First ever Health Week Campaign aims to reach thousands of children and mothers in Papua New Guinea
Port Moresby, Papua New Guinea, 28 August, 2008 – The World Health Organization and UNICEF call for increased attention and care for children and mothers as the first National Health Week gets underway in Papua New Guinea. UNICEF and WHO commend the Governor General and Minister for Health for their demands that greater attention be given to maternal and child health, made at the opening of National Health Week. With the highest rate of child mortality in the Pacific Region and one of the highest rates of maternal mortality in the world, the National Health Week highlights the urgency of this situation.
As part of the UN support to National Health Week, UNICEF and WHO are supporting the National Department of Health to reach 400,000 children under 5 and one million women of reproductive age, with primary health services, in some of the hardest to reach locations in Eastern Highlands; Simbu; Western Highlands; East Sepik; Milne Bay; and the Autonomous Region of Bougainville.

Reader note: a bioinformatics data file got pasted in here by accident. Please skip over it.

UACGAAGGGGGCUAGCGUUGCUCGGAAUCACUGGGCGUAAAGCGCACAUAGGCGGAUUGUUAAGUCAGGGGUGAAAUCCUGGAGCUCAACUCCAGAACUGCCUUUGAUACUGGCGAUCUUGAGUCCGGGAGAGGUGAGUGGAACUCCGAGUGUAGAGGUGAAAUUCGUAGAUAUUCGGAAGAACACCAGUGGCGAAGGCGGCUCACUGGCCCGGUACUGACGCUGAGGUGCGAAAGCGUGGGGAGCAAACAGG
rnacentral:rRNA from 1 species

National Health Week will see children immunized against tuberculosis, measles, diphtheria, tetanus, whooping cough, hepatitis B, influenza and polio. An accelerated service delivery will be mounted for pregnant mothers especially for ante-natal, delivery and post-natal stages.
Papua New Guinea has one of the lowest immunization rates in the pacific region and highest rates of women suffering and dying due to complications related to pregnancy and child birth. “WHO and the partners want to see that women and children, who are in need of health care, take the opportunity to visit the nearest facilities during this campaign, ” said Dr. Eigil Sorensen, Representative of the World Health Organization in Papua New Guinea. “This is a timely move as the country strives to meet the MDGs,”“ he added.
In addition to problems with the primary health care system, violence against children and women is also a public health crisis, according to Mr. Hamish Young, UNICEF Representative. He urged the health sector to help address the cycle of violence against children and women, and stated, “I cannot emphasize enough that violence against children and women, as well as being a significant human rights problem is also a serious public health crisis for Papua New Guinea and needs to be dealt with immediately”.
Children continue to die from preventable or treatable illness and conditions as diarrhoeal diseases, malaria, measles undernutrition, low birth weight and pneumonia in Papua New Guinea. Provision of basic health services remains very limited, particularly in rural areas.
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